Democrats, Republicans spin court’s immigration decision

Neil Munro White House Correspondent
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In the wake of the Supreme Court’s Monday decision to strike down much of SB 1070, the controversial Arizona immigration law, both Republicans and Democrats looked to spin the ruling for political advantage in the run-up to the November election.

“I am pleased that the Supreme Court has struck down key provisions of Arizona’s immigration law,” President Obama said in midday statement.

“We will continue to enforce our immigration laws by focusing on our most important priorities like border security and criminals who endanger our communities” he added, in what appeared to be an attempt to reassure American workers worried about losing jobs to illegal immigrants.

But Obama also made sure to emphasize his campaign-trail pitch to Latinos by holding out the promise of easier immigration.

“I will work with anyone in Congress who’s willing to make progress on comprehensive immigration reform that addresses our economic needs and security needs, and upholds our tradition as a nation of laws and a nation of immigrants,” said the statement, which also cited his June 15 announcement of an enforcement rollback for younger immigrants.

Republicans, however, were quick to slam Obama for failing to enforce immigration laws amid record unemployment.

“Once again we are reminded that President Obama has failed to keep his promise on immigration reform,” said a statement from the Republican National Committee.

“States have acted on their own to serve their people and enforce the law, but… this decision makes that job even more difficult, and it leaves Americans waiting for a plan the president promised to deliver years ago,” said RNC Chairman Reince Priebus.

“Obama and his administration have ignored our immigration laws and have encouraged more illegal immigration by their actions,” said Rep. Lamar Smith, who chairs the House’s judiciary committee.

“Worksite enforcement has plummeted 70%, allowing illegal immigrants to hold jobs while 13 million Americans are looking for work… we need a new President this January who will enforce immigration laws, not deliberately ignore them,” he added.

In their Monday ruling, the Supreme Court largely barred Arizona from establishing immigration-related penalties for illegal-immigrants or their employers, but did allow the state to check the legal residency of the people stopped for traffic and other offenses.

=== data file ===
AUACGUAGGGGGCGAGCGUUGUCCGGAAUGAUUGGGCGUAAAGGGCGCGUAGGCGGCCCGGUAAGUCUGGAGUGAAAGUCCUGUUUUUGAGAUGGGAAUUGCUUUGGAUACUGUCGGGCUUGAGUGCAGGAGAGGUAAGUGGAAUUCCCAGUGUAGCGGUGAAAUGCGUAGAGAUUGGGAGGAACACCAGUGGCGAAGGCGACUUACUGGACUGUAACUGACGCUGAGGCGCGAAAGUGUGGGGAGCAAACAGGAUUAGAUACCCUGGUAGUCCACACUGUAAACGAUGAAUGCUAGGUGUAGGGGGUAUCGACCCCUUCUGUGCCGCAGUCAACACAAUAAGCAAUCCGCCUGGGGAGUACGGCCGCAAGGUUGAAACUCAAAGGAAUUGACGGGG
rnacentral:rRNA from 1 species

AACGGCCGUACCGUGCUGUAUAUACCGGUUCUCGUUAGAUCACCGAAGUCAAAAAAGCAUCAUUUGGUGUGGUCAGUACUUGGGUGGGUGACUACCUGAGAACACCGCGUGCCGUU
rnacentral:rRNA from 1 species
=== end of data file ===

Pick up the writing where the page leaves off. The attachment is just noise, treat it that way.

The court has already approved state laws requiring employers to use a federal database to verify prospective employees’ legal residency.

Democrats tried to convert the partial defeat by pushing Gov. Mitt Romney to talk about immigration issues, which are a delicate subject for Republicans at a time when the GOP is looking to court more Latino voters without alienating immigration hawks.

“With Romney in AZ today, will he have the guts to actually talk to rptrs abt immigration?” tweeted Bill Burton, who runs Priorities USA Action, an Obama-allied fundraising-and-advocacy group.

Immigration debates are a disadvantage for Romney, partly because a majority of Hispanic voters line up more closely with Obama on the issue.

Instead, Romney is trying to win support from swing-voting middle-class and blue-collar workers in the Midwest. Those voters often oppose easier immigration rules, especially amid today’s record unemployment numbers.

Following the decision, Romney released a cautious statement that endorsed states’ authority to exclude illegal immigrants, but provided little for Obama’s allies to attack.

“I believe that each state has the duty — and the right — to secure our borders and preserve the rule of law,” Romney said.

In contrast to Romney, Obama is happy to talk about immigration because he hopes to portray Romney as anti-Latino, and because he wants to spur Latino support in several swing-states, including Colorado, Virginia and Florida.

For example, Obama offered a de facto amnesty to roughly 1 million younger Latinos June 15, despite polls the indicate opposition to illegal-immigration by blue-collar workers and African-Americans.

Some progressive activists argue that popular support for immigration enforcement is driven by racism, partly because they wish to spur Latino turnout and support for Obama in November.

“We are disappointed that [the Supreme Court] did not strike down a key provision that amounts to state-sponsored racial profiling,” said a statement form Natalie Foster, the CEO of Rebuild the Dream, a left-wing advocacy organization.

Latino “families in Arizona and across our country continue to face un-American discrimination even as they work to build this country from the bottom up… Arizona’s SB 1070 is a reprehensible law, and it is only one of many hate-filled laws bubbling up across our country,” she claimed.

However, polls shows that most Latinos are primarily concerned about the economy. That’s where Romney has an advantage over Obama.

Still, easier immigration is seen as important to the Hispanic community, and continued controversy over immigration issues is sometimes portrayed in Latino media and by Latino advocates as sign of dislike for all Latinos. That sensitivity gives Obama and his allies every incentive to keep the issue in the public’s eye.

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